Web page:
Missy tugged on Sunny’s sleeve. “Is it true what they say about the trees?”

“That they’re magic?” Sunny laughed. “Don’t you believe?”

She glanced down at the sparkling snow beneath her shiny blue boots then back up at Sunny. “I want to believe.”

Sunny’s heart wept for her. Of course she wanted to believe. Undoubtedly, at some point Missy had wished to have her mom come back, not understanding that some things just couldn’t be fixed. And when that wish went unfulfilled, she’d begun losing faith. A sad thing to happen to a six-year-old.

Mary Alice Carter limped from behind the shed, carrying a huge evergreen wreath. Her long sable hair had been tucked beneath a bright red cap that matched her simple red jacket. Her bright green eyes sparkled.

Sunny’s former best friend from college had been in an automobile accident a few years before. Severe injuries to her lower body had not only left her with a limp, but also with an even sadder consequence. Mary Alice couldn’t have children. When her fiancée was told, he’d broken their engagement. Now, Mary Alice poured out all her passion into floral arrangements in the summer and working for Teaberry Farms making wreaths in the winter.

Seeing the beautiful evergreen arrangement, Sunny clapped her hands together! “Oh my, who is that for?”

Mary Alice grinned. “Mrs. Thomas. She wants it for her front door. She thinks guests are more likely to touch this than her indoor tree. She wants everyone to get a wish this year.”

Sunny laughed at Mrs. Thomas’s creative interpretation of the legend, but Greg quickly hustled over and caught the huge wreath from Mary Alice’s hands.

A quick spark of something passed between them, as Greg said, “Let me.”

Mary Alice shyly glanced away as she handed the huge wreath to Greg.

Sunny looked down at Missy who studied her dad, then Mary Alice.

Her brow furrowed. She wondered if the six-year-old could tell that her dad obviously felt something for Mary Alice and that Mary Alice seemed to feel something for Greg – enough that the two of them would get together. Probably soon.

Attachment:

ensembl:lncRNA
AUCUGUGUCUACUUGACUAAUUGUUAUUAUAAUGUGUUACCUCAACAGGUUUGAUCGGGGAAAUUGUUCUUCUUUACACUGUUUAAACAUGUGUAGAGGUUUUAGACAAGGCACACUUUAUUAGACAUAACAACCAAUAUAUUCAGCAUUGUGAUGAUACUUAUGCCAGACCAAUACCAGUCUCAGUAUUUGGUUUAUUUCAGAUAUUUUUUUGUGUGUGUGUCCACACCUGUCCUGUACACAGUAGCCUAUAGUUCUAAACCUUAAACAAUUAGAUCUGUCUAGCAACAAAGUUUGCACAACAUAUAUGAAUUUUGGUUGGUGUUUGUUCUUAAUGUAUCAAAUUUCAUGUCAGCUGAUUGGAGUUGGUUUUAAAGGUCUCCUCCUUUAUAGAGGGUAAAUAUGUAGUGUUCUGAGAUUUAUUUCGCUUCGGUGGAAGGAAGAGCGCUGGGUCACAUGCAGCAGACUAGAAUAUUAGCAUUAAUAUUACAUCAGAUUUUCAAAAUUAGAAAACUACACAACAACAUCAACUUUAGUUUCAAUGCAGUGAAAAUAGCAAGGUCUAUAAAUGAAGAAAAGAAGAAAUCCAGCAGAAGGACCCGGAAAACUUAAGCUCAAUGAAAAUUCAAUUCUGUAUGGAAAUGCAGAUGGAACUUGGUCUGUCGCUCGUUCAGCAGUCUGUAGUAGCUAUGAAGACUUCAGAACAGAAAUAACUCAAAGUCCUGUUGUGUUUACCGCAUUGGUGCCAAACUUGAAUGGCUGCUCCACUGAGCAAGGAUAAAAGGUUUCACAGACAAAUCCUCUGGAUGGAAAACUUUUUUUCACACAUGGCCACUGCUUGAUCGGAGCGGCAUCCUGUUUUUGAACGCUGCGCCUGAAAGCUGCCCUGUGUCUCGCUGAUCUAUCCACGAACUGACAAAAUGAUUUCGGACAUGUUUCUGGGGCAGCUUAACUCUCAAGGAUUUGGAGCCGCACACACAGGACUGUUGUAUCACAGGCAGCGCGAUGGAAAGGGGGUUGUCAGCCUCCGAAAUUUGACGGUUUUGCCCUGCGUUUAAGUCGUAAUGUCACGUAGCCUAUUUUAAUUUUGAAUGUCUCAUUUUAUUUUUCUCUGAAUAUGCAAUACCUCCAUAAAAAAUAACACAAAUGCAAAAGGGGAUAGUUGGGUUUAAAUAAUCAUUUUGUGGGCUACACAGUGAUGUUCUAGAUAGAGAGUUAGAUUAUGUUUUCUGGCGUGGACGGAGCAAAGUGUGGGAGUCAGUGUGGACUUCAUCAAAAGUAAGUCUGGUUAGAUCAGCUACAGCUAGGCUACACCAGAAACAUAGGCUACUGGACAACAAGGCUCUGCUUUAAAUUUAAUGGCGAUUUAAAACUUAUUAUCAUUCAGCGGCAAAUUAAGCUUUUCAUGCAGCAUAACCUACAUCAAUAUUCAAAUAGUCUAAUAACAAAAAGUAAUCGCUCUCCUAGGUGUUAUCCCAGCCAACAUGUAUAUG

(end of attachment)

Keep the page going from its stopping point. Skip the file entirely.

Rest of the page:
Tapping her finger on her cheek, Sunny wondered if this might not be a perfect opportunity to help one adorable child get her joy back. She didn’t really believe the trees had any power per se, but she recognized attraction when she saw it and she hated to see someone so young who didn’t believe in the power of wishes. What could it hurt?

She nudged the little girl over to the side of the shed, close to the plump pines awaiting buyers, and whispered, “Touch a branch.”

Missy frowned. “What?”

Sunny nodded at Mary Alice and Greg. “Touch the branch and wish.”

Missy’s eyes widened. She quickly grabbed a branch.

Just then Max strolled up a long thin path between two rows of trees. “What have we here?” Tall and broad-shouldered, with dark hair and bright blue eyes, and wearing jeans and a big black parka, he didn’t look like the stuck-in-the-office entrepreneur he’d been just a few months before. He swung Missy up into his arms and then over his shoulder, tickling her tummy. “You’re not here to steal magic trees, are you?”

Missy giggled. “No! We’re buying them.”

“Then your daddy and I had better get them loaded before the snow comes this afternoon. Sunny, why don’t you take this young lady into the house and get her some cocoa?”

“Or she could come back with me and I’ll show her how to make a wreath.”

Mary Alice looked surprised to have made the offer. Self-conscious since her accident, she stayed in the background more than she associated with people. But Missy’s eyes lit with joy and she didn’t give Mary Alice a chance to change her mind. She glanced back at Sunny, who smiled and winked, insinuating the magic was already taking hold.

Missy scampered over to Mary Alice who took her hand and led her into the shed where she cut branches and knit them together over wire to create luxurious evergreen wreaths for the front doors and fireplace mantles of people in three counties.